At the first scouting session, held at the M-Net offices in Bukoto, the usual Kabalagala girls showed up, but were quickly shown the door.
NEW VISION XTRA
KAMPALA - 1997 was a threshold year in the fashion industry in Uganda, because that was when the Face of Africa model talent search came here. From then, it was a case of before and after Face of Africa.
It is difficult to envisage what was happening before, but fashion events were mostly sleazy, often held in even sleazier places, like those questionable joints of Kabalagala.
Then South African model scout Jan Malan walked into town, and nothing was the same ever again. At the first scouting session, held at the M-Net offices in Bukoto, the usual Kabalagala girls showed up, but were quickly shown the door. That was when we realised that this was going to be very different from the usual, which was mainly where men went to get their pick of the girls on show.
Eventually, more ‘decent’ girls showed up, and after three very intense days, a few of them were chosen to go for the very first East African semi-finals held at Nairobi’s Safari Park Hotel.
Yours truly was chosen to go and cover the event, together with then Monitor’s Bernard Tabaire, then still a young lad. Everyone thought he was Nigerian, because he kept on introducing himself as ‘…my name is TabaireBernard’, all in one breath. Which led one South African to ask, “… is that one of those long Nigerian names?” Bernard didn’t seem to get the joke, but we all had a good laugh at his expense.
Among the Ugandan girls chosen for the Nairobi semis was Pearl Kasujja, Ellen Mugisha (originally Mugisa but she felt that sounded too masculine, so she added the ‘h’), and Sarah Senfuka. Another one was Hadja Bushira, who never seemed to be around much, but we would learn later why.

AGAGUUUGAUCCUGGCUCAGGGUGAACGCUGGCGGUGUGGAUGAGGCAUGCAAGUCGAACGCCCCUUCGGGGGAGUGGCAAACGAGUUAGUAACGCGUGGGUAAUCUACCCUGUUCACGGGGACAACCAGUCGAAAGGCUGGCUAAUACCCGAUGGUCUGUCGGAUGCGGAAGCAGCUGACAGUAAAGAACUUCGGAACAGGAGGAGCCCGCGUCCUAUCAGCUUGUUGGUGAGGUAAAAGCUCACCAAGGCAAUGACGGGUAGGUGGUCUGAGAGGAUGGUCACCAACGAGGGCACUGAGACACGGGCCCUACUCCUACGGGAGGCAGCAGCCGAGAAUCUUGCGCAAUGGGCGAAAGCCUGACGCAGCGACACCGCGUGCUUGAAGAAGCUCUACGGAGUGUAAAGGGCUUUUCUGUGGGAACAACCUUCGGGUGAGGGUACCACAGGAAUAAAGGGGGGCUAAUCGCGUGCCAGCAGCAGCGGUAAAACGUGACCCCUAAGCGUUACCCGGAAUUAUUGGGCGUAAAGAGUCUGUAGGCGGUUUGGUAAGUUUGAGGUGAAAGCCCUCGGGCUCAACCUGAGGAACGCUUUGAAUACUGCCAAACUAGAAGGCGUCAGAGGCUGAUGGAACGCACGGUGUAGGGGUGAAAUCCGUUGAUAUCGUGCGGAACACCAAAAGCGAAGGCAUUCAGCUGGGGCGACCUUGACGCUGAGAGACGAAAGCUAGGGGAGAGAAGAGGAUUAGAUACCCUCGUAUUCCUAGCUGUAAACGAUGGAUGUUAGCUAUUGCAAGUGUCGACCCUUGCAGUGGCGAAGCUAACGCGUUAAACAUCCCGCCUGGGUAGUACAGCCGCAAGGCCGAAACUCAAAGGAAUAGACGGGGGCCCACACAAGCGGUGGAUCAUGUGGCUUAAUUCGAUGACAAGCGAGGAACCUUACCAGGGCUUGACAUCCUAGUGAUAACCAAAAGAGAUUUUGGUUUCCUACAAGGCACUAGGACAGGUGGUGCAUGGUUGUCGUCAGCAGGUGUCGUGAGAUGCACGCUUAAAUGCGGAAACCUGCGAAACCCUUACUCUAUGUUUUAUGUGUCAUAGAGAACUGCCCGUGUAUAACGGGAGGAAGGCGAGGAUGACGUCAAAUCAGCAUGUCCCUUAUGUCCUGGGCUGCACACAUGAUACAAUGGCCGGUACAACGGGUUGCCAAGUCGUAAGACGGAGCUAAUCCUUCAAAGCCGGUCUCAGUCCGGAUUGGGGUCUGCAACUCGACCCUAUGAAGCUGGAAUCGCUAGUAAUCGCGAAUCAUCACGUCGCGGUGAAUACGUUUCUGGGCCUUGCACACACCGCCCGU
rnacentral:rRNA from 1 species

After the semi-finals, three girls were chosen to go for the first ever finals to be held in Victoria Falls, Zimbabwe in 1998. Two were Kenyans, and the third was Bushira from Uganda.
But Bushira’s hopes for an international modelling career were soon dashed when it turned out that her Muslim family was against her participation. Things got quite heated, and it is said the family sent a threatening letter to the then M-Net representative, Ashley Myers. She never revealed what was in the letter, but Bushira was replaced by Ellen Mugisha, who had come fourth.
So Ellen joined 11 other girls for the final. Like most finals, anticipation as to who would win was high, and all kinds of odds were given. But we mostly ignored the tall but shy young girl from Nigeria, who never seemed to say much.
It turned out that we did not know much about modelling, because that young shy girl from Nigeria, then known as Patricia Oluchi, was declared winner. And boy, did she cry. Oluchi Onweagba was soon to become a supermodel herself, and still is.
The next East African semi-finals were held at the Sheraton Hotel, Kampala, and Ugandans finally got to see what a real fashion show is supposed to be like. Two Ugandan girls, Rhona Nabwire and Pamela Nyakairu, took part, but sadly neither qualified for the finals held in Namibia later that year. Nyakairu would try again the next year, but again she failed to make the cut. And this time the participants were required to bring signed letters of content from their parents, obviously the Bushira circus of 1997 had taught them some lessons.